Charlie Hodge gives new meaning to the term ghostwriter.
He was hired to collaborate on a coffee-table book about Blaylock Mansion, the former summer residence of a Cominco boss that is now a bed and breakfast just east of Nelson. Instead he wrote a novel narrated by a ghost.
Hodge was initially reluctant to get involved when he received a phone call five years ago from Dan McGauley, who managed the B&B with wife Louise. McGauley dreamed of publishing a book about the estate and had long been gathering notes on its history, but he wasn’t a writer and needed to find someone who was.
A mutual acquaintance suggested Hodge, a veteran Kelowna journalist, city councillor, and author of two popular books on hockey’s Howie Meeker. However, Hodge dismissed the idea because McGauley said he was seeking a ghostwriter.
“It’s not what I do,” Hodge told him. “Why would I write a book that doesn’t have my name on it?”
McGauley quickly clarified that Hodge was welcome to put his name on the book — although, as it happened, ghosts were a key part of the story.
Hodge still wasn’t sure, so McGauley invited Hodge and his wife to visit the mansion before deciding.
“We went to Nelson for the weekend and looked at the place,” Hodge recalls. “It was absolutely gorgeous.”
Hodge signed on for what was originally conceived as a book that would draw on McGauley’s notes to present the history of Selwyn Blaylock’s palatial residence, which was built in the 1930s and originally known as Lakewood. However, Hodge says, “the book morphed.”
While Blaylock was responsible for the mansion’s construction, Hodge was intrigued with other characters associated with the property before and after Blaylock. A land title search revealed former owners included American Civil War veteran Newton Wolverton, prominent lawyer Sidney Stockton Taylor, and Nelson mayor John Hamilton.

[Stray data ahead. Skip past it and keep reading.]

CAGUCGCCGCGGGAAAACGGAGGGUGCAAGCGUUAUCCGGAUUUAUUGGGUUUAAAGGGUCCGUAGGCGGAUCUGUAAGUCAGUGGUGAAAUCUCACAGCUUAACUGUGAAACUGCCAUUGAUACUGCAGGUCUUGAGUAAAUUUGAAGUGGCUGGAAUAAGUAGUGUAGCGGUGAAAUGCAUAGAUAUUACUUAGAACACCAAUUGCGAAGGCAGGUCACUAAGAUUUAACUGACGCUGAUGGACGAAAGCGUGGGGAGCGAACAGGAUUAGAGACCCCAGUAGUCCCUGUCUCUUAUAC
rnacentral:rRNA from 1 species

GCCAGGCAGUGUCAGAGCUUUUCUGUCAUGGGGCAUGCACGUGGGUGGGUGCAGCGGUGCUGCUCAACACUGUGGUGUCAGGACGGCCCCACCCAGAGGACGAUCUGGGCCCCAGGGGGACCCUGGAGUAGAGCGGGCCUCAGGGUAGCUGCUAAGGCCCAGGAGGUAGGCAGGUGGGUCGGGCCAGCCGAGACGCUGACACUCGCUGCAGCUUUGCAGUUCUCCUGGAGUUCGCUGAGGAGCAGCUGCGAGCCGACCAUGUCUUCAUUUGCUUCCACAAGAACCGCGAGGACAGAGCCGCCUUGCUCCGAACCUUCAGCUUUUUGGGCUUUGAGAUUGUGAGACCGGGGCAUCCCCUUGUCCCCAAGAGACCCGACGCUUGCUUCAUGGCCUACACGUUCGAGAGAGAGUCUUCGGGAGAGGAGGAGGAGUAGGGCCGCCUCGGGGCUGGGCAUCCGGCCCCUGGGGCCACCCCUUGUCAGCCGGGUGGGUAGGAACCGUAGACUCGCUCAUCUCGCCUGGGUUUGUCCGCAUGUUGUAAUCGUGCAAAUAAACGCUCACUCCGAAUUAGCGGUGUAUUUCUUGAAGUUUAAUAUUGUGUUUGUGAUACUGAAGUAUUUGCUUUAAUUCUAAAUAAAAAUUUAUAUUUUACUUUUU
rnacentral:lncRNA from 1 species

McGauley told Hodge about Cliff Chase, the “classic con man” who bought the estate from Blaylock’s widow in the 1970s only to skip town one night, leaving a string of unpaid bills. (The McGauley family ended up with the mansion after Chase defaulted on a loan.)
“My imagination wrapped into the history of all of the characters on the land who were really quite unique and powerful,” Hodge says.
“I was walking at the top part of the property and sat down in this beautiful field and was overwhelmed with how peaceful it was. I thought ‘this isn’t about the mansion, it’s about the land.’ That’s where the spirit concept came from.”
Though he is spiritual, Hodge didn’t believe in ghosts. Midway through the project, however, he experienced serious health problems and had a narrow brush with death. He thought it would be interesting to contemplate who might haunt the mansion as well as the mechanics of an afterlife.
“What does a ghost feel or think? Does a ghost eat or drink? Do ghosts talk to each other? The average person wouldn’t think about that. I wouldn’t. But suddenly I have these questions. It’s a weird conversation to have with yourself. We assume that when we die we get all the answers. But what if you’re in limbo? What if you’re frustrated because you still don’t have all the answers?”
A ghost narrator also gave him latitude to speculate on what was going on behind the scenes. Blaylock, in particular, was difficult to get a handle on. “In his lifetime he was either loved or hated, with not much in between,” Hodge says.
Although hailed as a titan of industry, Blaylock clashed with trade unionists, chief among them Ginger Goodwin, who led a strike at the Trail smelter in 1917. Blaylock was suspected of pulling strings to have Goodwin conscripted for the First World War. Goodwin then fled to the hills around Cumberland, where a posse member shot and killed him, sparking Canada’s first general strike.
Hodge’s narrator is a phantom fly on the wall, observing such events and filling in otherwise-unknowable details.
The resulting self-published book, Lost Souls of Lakewood, came out in the spring and is available at stores in Nelson and Trail.
Hodge is proud of the finished product, but laments that McGauley isn’t around to see it. He died of cancer last December, although he read the finished manuscript and provided a preface. Hodge and McGauley are billed as co-authors, but didn’t get to do a planned road trip together to distribute the books.
Hodge says he’s relieved to be finished after expending a “ridiculous” amount of time and energy on the project.
“The world is full of fascinating people and sometimes we don’t take the time to appreciate those who come before us,” he says. “It was an honour to do it.”